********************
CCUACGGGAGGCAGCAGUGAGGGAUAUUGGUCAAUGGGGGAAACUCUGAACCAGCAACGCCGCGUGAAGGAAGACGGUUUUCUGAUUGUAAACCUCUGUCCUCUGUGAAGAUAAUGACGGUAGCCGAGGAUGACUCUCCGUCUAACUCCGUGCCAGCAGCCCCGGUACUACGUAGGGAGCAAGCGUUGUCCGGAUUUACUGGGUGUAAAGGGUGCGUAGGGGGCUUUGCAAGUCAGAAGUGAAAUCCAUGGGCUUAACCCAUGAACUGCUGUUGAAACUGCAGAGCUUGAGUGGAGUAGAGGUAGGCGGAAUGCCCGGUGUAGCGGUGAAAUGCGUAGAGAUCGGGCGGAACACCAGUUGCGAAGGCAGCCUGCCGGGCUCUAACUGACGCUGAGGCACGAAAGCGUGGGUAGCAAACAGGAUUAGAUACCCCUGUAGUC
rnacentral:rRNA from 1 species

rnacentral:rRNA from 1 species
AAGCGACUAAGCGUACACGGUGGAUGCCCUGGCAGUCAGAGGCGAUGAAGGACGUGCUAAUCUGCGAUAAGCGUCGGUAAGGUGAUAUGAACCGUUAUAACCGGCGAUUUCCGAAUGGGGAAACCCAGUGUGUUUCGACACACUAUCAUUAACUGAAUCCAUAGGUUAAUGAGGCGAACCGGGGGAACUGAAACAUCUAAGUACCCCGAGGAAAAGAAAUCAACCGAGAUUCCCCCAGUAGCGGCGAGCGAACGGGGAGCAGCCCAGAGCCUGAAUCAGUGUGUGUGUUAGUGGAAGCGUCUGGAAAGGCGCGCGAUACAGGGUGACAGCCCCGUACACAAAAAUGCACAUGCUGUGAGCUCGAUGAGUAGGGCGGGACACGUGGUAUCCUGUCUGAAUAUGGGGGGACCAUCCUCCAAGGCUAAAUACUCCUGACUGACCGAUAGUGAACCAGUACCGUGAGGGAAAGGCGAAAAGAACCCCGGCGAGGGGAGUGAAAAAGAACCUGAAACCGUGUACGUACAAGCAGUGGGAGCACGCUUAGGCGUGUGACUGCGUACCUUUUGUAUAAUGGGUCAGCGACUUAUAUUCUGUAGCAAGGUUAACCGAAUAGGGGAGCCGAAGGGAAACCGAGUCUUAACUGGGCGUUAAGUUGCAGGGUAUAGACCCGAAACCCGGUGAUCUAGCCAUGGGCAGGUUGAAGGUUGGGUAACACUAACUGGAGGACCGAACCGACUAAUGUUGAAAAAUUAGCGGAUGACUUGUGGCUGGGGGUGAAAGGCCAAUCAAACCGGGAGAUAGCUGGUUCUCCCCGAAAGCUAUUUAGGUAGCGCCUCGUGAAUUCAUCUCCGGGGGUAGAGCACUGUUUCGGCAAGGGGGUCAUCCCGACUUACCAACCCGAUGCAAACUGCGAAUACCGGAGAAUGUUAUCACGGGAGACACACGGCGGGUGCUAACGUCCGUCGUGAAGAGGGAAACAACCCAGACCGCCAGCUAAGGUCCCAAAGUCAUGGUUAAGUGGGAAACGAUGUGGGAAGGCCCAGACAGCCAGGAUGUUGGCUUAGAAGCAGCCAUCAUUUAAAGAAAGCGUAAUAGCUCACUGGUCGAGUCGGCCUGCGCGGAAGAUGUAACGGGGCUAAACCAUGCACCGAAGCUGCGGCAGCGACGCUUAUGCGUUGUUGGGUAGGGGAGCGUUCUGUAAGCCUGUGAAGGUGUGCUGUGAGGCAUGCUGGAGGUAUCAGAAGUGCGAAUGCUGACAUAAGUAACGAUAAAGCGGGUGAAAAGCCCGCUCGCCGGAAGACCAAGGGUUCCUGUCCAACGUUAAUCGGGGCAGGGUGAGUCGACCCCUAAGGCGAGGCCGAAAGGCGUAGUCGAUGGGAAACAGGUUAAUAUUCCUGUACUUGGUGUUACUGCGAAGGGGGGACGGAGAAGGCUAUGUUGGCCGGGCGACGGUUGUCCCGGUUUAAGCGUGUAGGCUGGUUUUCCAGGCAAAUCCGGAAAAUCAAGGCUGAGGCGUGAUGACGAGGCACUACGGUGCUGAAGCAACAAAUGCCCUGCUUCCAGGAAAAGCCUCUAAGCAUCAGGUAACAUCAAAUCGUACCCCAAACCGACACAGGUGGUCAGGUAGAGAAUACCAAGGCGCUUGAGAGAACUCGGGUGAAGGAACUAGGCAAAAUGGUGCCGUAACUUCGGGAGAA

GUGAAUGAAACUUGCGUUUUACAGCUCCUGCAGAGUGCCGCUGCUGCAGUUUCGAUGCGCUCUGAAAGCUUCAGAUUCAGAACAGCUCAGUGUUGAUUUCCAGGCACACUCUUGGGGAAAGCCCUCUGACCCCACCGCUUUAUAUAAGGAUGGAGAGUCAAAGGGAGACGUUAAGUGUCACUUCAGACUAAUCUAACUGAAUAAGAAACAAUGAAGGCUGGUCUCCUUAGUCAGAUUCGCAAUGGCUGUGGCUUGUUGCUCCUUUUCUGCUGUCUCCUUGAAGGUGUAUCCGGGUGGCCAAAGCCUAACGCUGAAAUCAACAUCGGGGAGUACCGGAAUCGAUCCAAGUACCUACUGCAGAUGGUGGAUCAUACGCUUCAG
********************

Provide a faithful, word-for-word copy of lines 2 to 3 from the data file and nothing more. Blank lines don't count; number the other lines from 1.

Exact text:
rnacentral:rRNA from 1 species

rnacentral:rRNA from 1 species